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After drunken pictures of your room mates, the feature most associated with Facebook is the “Like” button. But it wasn’t introduced until the social network hit its five-year anniversary in February, 2009. As of December, 2013, users hit the “Like” button 6 billion times a day, on average. Just imagine how many times Facebook’s 1.23 billion users would hit “Dislike” if they could.

As a public company

Facebook investors had a rough ride after the company’s stock debuted at $38 in its initial public offering in May, 2012. 

1) In the months afterward the air slowly leaked out of the balloon, with the stock falling as low as $18 in the dog days of August, 2012. 

2) But shares began to rise rapidly in July, 2013, based on strong financial results. Facebook topped its opening price for the first time in more than a year in the week after it reported second-quarter (2013) revenue topped $1.8-billion and, crucially, mobile ad revenue made up 41 per cent of the total. 

3) According to the company’s Jan. 29 earnings statement, mobile ad revenue made up 50 per cent of the $2.59-billion recorded for the fourth quarter of 2013, the company’s first billion-dollar mobile quarter. These days investors are being advised to buy, with the stock topping $60, even as Facebook still struggles to make big profits on that revenue.

Facebook Canada

Canadians spend 8 hours a month on Facebook, on average, according to comScore data from 2012. The company says Canada is one of the most “engaged” countries on its network, with some 19 million monthly active users (MAU), 14 million of which are daily active users (DAU) too. But the future of the company is in mobile, and Canada is highly engaged there as well, with 13 million mobile MAU and 9.4 million DAU. The pitch Facebook makes to advertisers is often stated in these sorts of terms: “Game 7 of the Maple Leafs vs. Boston Bruins in the 2013 Stanley Cup Finals was watched by 5.1 million Canadians. On Facebook there is an audience of 14 million people every single day.”

Is there a cure for Facebook?

Are all the young people leaving Facebook? This has become a meme that bedevils the company, even though the evidence for it is weak, at best. A couple of Princeton scholars published “Epidemiological modeling of online social network dynamics,” a study (as-yet not peer reviewed) that compared the behaviour and life cycle of an infectious disease to the proliferation and decline of social networks. By comparing Google search results for Facebook and MySpace, the study predicted that Zuckerberg and Co. would lose 80 per cent of their users between 2015 and 2017. In a scorching riposte, Facebook data scientist Mike Develin wrote a blog post using the Princeton methodology, which many have called deeply flawed, that warned “This trend suggests that Princeton will have only half its current enrolment by 2018, and by 2021 it will have no students at all.” Worse, “Google Trends for ‘air’ have also been declining steadily, and our projections show that by the year 2060 there will be no air left.”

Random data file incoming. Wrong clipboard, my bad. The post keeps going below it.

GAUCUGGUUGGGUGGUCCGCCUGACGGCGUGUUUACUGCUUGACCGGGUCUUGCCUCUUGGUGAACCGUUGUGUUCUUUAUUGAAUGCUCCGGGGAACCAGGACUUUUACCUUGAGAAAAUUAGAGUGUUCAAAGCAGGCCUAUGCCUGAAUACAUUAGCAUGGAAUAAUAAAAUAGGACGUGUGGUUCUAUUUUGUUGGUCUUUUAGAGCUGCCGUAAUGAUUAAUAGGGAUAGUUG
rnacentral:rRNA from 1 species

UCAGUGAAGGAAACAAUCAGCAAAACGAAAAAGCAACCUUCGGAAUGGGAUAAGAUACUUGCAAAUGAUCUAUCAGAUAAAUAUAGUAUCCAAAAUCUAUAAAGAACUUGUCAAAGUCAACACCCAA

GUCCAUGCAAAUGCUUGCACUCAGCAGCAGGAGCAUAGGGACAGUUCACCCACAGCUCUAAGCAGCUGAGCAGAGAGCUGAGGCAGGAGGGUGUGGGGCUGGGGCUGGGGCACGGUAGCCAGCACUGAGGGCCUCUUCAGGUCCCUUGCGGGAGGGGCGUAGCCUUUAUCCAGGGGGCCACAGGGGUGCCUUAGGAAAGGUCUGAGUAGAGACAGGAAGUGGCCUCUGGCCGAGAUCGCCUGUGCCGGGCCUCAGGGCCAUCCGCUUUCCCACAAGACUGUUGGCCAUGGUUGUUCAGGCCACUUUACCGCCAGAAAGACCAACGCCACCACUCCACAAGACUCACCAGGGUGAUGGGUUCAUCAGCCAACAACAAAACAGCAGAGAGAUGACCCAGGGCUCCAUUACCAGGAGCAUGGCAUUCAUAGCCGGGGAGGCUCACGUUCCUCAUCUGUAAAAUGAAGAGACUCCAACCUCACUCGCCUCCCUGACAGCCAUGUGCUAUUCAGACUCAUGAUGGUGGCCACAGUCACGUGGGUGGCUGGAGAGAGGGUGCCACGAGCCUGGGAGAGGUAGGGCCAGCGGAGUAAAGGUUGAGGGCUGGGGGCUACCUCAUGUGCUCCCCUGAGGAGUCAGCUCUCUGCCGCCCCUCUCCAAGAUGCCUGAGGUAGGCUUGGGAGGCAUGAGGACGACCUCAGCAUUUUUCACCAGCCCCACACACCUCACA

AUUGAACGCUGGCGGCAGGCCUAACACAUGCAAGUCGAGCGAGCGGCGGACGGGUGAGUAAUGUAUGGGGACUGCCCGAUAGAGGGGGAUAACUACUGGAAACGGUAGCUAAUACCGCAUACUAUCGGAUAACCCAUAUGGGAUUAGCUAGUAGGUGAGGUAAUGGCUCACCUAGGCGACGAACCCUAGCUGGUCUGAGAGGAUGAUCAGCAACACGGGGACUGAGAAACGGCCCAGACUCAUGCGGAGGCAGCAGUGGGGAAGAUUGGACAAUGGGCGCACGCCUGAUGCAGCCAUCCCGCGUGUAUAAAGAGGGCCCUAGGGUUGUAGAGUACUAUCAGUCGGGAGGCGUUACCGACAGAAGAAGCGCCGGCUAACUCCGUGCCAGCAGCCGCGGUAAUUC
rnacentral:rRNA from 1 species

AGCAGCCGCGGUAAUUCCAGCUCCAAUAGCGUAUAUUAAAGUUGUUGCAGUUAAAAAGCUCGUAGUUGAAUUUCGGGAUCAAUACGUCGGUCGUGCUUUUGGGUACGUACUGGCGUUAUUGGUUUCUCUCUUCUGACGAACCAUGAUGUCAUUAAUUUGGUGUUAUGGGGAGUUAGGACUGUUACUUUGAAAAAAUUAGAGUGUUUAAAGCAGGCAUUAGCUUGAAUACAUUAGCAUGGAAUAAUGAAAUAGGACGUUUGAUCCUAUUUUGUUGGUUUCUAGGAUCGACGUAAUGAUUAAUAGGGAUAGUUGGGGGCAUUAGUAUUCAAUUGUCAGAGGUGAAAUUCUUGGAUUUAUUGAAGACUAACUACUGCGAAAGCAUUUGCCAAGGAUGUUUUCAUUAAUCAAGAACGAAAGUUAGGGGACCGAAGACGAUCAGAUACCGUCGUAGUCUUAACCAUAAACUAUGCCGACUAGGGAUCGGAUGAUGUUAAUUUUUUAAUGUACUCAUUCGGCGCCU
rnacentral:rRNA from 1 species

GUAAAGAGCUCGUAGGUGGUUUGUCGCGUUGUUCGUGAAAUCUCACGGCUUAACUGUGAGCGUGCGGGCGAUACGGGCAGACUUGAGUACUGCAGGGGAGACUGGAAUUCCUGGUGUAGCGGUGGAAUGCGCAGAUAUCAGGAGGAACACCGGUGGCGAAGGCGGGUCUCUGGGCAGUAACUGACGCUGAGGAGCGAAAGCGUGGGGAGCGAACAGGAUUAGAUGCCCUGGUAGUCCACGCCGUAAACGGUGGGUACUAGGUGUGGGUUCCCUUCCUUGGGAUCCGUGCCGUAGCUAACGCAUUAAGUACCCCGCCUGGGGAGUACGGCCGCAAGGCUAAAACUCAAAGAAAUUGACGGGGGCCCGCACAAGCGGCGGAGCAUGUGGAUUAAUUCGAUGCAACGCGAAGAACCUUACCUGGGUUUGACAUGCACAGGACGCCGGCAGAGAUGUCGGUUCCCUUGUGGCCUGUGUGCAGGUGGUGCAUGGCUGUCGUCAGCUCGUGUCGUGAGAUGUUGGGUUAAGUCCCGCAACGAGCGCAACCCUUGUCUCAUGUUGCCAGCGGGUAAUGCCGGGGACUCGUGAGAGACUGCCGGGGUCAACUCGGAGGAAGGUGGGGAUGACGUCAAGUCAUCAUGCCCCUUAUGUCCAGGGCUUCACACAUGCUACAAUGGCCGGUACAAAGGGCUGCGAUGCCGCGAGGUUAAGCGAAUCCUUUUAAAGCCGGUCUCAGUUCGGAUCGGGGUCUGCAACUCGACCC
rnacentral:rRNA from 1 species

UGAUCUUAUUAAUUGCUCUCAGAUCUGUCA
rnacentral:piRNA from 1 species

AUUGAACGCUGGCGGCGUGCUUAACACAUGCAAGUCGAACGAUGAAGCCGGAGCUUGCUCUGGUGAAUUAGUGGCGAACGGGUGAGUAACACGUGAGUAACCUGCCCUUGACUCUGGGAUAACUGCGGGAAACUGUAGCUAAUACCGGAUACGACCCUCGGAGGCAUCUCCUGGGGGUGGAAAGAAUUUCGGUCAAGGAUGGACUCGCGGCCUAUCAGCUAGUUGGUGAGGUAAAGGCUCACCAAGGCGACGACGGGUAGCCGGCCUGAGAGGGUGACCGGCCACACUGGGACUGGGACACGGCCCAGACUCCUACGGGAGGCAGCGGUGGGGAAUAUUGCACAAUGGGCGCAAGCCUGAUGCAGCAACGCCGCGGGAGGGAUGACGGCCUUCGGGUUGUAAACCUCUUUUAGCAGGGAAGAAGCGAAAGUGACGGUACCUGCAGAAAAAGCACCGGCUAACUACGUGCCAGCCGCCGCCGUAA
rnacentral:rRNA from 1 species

There are many twists and turns in an online company, and it’s a mini-miracle that Facebook has made it to 10 years. Still, when predicting the death of a service with a billion users, perhaps a more meaningful source of data than Google Trends is required.


The first reference to Facebook in The Globe and Mail was on Friday, March 4, 2005, a year and a month after Facebook launched. In it, writer Michael Kesterton described the new verb sweeping college campuses: Facebooking. On many North American campuses, says The Kansas City Star, “facebook” is now a verb, as in “I facebooked you last night.” It’s not an insult. Students post their profiles and photos on the website, then choose the amount of access they want to give other students. It was created by Harvard students at first. Students need an “.edu” e-mail address at a Facebook-admitted college to register.”

The second reference in our archives didn’t come until Saturday, July 2, 2005, in a trend piece titled “Facebook an Internet sensation on campus.” In it, co-founder Chris Hughes (now the owner of U.S. political journal The New Republic and an Obama campaign donor) is quoted saying of the budding billionaire Mark Zuckerberg: “Instead of entering a company and working your way to the top, Mark has created something that has allowed him to start right off in the CEO seat.”

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